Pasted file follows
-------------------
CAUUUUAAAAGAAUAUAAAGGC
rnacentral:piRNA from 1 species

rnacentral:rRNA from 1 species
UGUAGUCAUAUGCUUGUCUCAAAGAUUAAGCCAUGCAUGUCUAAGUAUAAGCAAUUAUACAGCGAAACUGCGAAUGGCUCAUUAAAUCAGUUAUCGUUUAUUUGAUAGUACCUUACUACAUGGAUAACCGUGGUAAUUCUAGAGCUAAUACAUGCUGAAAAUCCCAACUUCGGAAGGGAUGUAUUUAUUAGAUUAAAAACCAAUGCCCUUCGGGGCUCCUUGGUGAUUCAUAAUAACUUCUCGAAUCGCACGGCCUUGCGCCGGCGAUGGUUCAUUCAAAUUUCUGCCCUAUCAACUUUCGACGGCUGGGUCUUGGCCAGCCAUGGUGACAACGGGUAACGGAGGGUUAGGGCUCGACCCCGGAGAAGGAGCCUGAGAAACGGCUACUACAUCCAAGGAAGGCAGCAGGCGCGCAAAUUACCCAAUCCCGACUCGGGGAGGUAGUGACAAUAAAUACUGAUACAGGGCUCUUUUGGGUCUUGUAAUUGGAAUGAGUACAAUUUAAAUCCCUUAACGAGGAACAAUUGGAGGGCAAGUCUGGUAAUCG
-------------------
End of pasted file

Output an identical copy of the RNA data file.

CAUUUUAAAAGAAUAUAAAGGC
rnacentral:piRNA from 1 species

rnacentral:rRNA from 1 species
UGUAGUCAUAUGCUUGUCUCAAAGAUUAAGCCAUGCAUGUCUAAGUAUAAGCAAUUAUACAGCGAAACUGCGAAUGGCUCAUUAAAUCAGUUAUCGUUUAUUUGAUAGUACCUUACUACAUGGAUAACCGUGGUAAUUCUAGAGCUAAUACAUGCUGAAAAUCCCAACUUCGGAAGGGAUGUAUUUAUUAGAUUAAAAACCAAUGCCCUUCGGGGCUCCUUGGUGAUUCAUAAUAACUUCUCGAAUCGCACGGCCUUGCGCCGGCGAUGGUUCAUUCAAAUUUCUGCCCUAUCAACUUUCGACGGCUGGGUCUUGGCCAGCCAUGGUGACAACGGGUAACGGAGGGUUAGGGCUCGACCCCGGAGAAGGAGCCUGAGAAACGGCUACUACAUCCAAGGAAGGCAGCAGGCGCGCAAAUUACCCAAUCCCGACUCGGGGAGGUAGUGACAAUAAAUACUGAUACAGGGCUCUUUUGGGUCUUGUAAUUGGAAUGAGUACAAUUUAAAUCCCUUAACGAGGAACAAUUGGAGGGCAAGUCUGGUAAUCG